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I'll second the last poster that separates things accoding to carbohydrates, veggies, fruits, meats/proteins, dairy. I dehydrate everything myself, including the meats. I like to keep separate ingredients because sometimes my cravings change- I might decide to bake up fresh bread with soup, instead of pizza- you never know. Each of these groups is in a light weight nylon or mesh stuff sack. Gas is never with the food.
Also, I always keep my lunch and 'snack' stuff in a separate barrel or dry bag. Lunches and snacks for me never involve the stove. They are usually quick sandwiches, spreads, trail mix, brownies....
Melissa


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PostPosted: February 8th, 2009, 9:16 am 
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Location: Sunny Wasaga Beach
Melissa wrote:
. Each of these groups is in a light weight nylon or mesh stuff sack.
Gas is never with the food.
Also, I always keep my lunch and 'snack' stuff in a separate barrel or dry bag. Lunches and snacks for me never involve the stove. They are usually quick sandwiches, spreads, trail mix, brownies....
Melissa


Ditto to most of that, except that we seperate by breakfast, lunch, dinner. The dollar stores have mesh bags of different colors, which helps. The 'lunch for today' goes in a small dry bag, easily accessible, but the rest of the lunch stuff goes in a color-coded mesh bag.
Works well for me most of the time, except when my wife reorganizes partway thru the trip. :( :doh:
I carry the 'white' gas in a pocket on the outside of a big backpack, seperated as much as possible from everything else.

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PostPosted: February 8th, 2009, 12:10 pm 
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Joined: September 26th, 2008, 1:03 pm
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Location: Kitchener, On
Dehydrating your own food will save a lot of money but is alot of work (our idea of fun). We learned to make bases, which are basicaly pre-cooked dehydrated stews, that can be used as a sauce by itself or added to for a different dish. This saves alot of time in camp as most of the preperation is already done. It is easier to prepare as you just cook a meal and dehydrate it on sheets. We use 2 pots so1 is for grain and 1 for "sauce". Therefor we prepare the bases without a grain and save that choice for camp.
Timothyj, do you have a dehydrator?
Rob


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PostPosted: February 8th, 2009, 7:41 pm 
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Joined: November 22nd, 2008, 4:30 pm
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Location: Moosonee, ON
I don't presently have a dehydrator, and I don't think it's in the canoe budget for this year. I understand that that's the way to go though.

I like the idea of getting little fabric bags from a dollar store, sounds like it would be in my price range over the OZ zip bag. Though, that site didn't say how much that thing was. The OZ thing looks kinda like a first aid kit, which gets me thinking that first aid kit bags might work nice. The kind without the first aid stuff in them. :)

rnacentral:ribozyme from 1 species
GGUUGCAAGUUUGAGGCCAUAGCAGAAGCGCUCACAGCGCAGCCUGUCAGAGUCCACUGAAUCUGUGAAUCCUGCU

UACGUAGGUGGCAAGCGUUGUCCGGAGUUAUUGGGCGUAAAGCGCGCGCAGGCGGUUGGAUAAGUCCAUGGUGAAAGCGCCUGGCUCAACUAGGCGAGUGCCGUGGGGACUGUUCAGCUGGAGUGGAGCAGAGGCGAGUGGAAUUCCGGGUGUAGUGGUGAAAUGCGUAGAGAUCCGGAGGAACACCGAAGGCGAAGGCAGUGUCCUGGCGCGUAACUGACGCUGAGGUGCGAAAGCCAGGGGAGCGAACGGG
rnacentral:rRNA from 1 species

Thanks for the offer of the Nylon scraps, but I'm not much of a sewer.


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PostPosted: February 8th, 2009, 8:06 pm 
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Location: North Bay, Ontario, Canada
http://www.mec.ca/Products/product_deta ... 4140595821


We use a similar bag to the link about. It is a bag we picked up a local department store for a few dollars.
It it meant to be used as a bag to carry your personal grooming stuff e.g. Tooth Paste , shaving kit, soap etc.

It has several pockets and we can carry all our cutlery, utensils, spices, dish towels and many other kitchen supplies.
It has a small loop that we use to hang it from a tree branch to keep it out of the way.


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PostPosted: February 9th, 2009, 4:44 am 
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Location: Montreal
Im loving that bag va3spt. Might get one.



Timothyj wrote:
I don't presently have a dehydrator, and I don't think it's in the canoe budget for this year. I understand that that's the way to go though.


I bought one a while back, and it wasnt part of my budget either. If you go camping often enough, it pays for itself (if you make your own vs buying the pre-made pouches). Also, its a clear step above in flavor.

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PostPosted: February 13th, 2009, 2:40 pm 
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Joined: November 22nd, 2008, 4:30 pm
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Location: Moosonee, ON
Thanks for the ideas guys, I found a great little toiletries bag at a dollar store which works great.

Attachment:
kitchen bag (2).jpg
kitchen bag (2).jpg [ 85.67 KiB | Viewed 6014 times ]


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PostPosted: July 15th, 2011, 5:29 pm 
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Location: Bristol, New Hampshire, USA
Go to an army/navy store & see if you can find a medic aid bag. It's expandable, has several zippered pouches and is lightweight and tuff. I've had & used mine for about 25years (God, am I that old?)


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PostPosted: July 15th, 2011, 10:02 pm 
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va3spt wrote:
http://www.mec.ca/Products/product_detail.jsp?FOLDER%3C%3Efolder_id=2534374302883913&PRODUCT%3C%3Eprd_id=845524442617614&bmUID=1234140595821


We use a similar bag to the link about. It is a bag we picked up a local department store for a few dollars.
It it meant to be used as a bag to carry your personal grooming stuff e.g. Tooth Paste , shaving kit, soap etc.

It has several pockets and we can carry all our cutlery, utensils, spices, dish towels and many other kitchen supplies.
It has a small loop that we use to hang it from a tree branch to keep it out of the way.

I use something very similar to that, it is intended as a personal items bag. We keep the utensils, soap, lighters, matches, and a few other small items in it. Works great.

i use different coloured bags for Breakfast, Lunch and Munch, Supper and Drink Stuff.